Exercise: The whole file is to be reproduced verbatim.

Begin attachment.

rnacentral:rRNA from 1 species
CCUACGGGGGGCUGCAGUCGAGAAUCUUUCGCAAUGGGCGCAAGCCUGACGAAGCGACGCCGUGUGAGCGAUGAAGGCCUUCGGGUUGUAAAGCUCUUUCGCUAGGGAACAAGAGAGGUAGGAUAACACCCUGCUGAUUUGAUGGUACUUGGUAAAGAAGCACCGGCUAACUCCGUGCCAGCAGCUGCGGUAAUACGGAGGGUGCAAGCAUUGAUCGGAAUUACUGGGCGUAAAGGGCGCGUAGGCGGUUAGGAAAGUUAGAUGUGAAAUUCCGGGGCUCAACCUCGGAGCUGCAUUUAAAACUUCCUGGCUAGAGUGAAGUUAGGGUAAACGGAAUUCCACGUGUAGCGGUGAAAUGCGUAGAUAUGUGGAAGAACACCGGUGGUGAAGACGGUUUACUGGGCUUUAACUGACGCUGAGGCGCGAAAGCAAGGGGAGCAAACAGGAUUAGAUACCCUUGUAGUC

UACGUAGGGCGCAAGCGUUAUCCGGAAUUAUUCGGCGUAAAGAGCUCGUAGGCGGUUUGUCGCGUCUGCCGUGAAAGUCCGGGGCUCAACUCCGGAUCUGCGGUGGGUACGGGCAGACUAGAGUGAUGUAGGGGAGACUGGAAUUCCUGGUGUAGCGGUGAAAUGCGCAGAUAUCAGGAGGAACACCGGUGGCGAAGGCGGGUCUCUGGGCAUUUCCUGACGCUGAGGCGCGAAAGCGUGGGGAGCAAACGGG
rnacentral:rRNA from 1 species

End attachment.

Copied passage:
rnacentral:rRNA from 1 species
CCUACGGGGGGCUGCAGUCGAGAAUCUUUCGCAAUGGGCGCAAGCCUGACGAAGCGACGCCGUGUGAGCGAUGAAGGCCUUCGGGUUGUAAAGCUCUUUCGCUAGGGAACAAGAGAGGUAGGAUAACACCCUGCUGAUUUGAUGGUACUUGGUAAAGAAGCACCGGCUAACUCCGUGCCAGCAGCUGCGGUAAUACGGAGGGUGCAAGCAUUGAUCGGAAUUACUGGGCGUAAAGGGCGCGUAGGCGGUUAGGAAAGUUAGAUGUGAAAUUCCGGGGCUCAACCUCGGAGCUGCAUUUAAAACUUCCUGGCUAGAGUGAAGUUAGGGUAAACGGAAUUCCACGUGUAGCGGUGAAAUGCGUAGAUAUGUGGAAGAACACCGGUGGUGAAGACGGUUUACUGGGCUUUAACUGACGCUGAGGCGCGAAAGCAAGGGGAGCAAACAGGAUUAGAUACCCUUGUAGUC

UACGUAGGGCGCAAGCGUUAUCCGGAAUUAUUCGGCGUAAAGAGCUCGUAGGCGGUUUGUCGCGUCUGCCGUGAAAGUCCGGGGCUCAACUCCGGAUCUGCGGUGGGUACGGGCAGACUAGAGUGAUGUAGGGGAGACUGGAAUUCCUGGUGUAGCGGUGAAAUGCGCAGAUAUCAGGAGGAACACCGGUGGCGAAGGCGGGUCUCUGGGCAUUUCCUGACGCUGAGGCGCGAAAGCGUGGGGAGCAAACGGG
rnacentral:rRNA from 1 species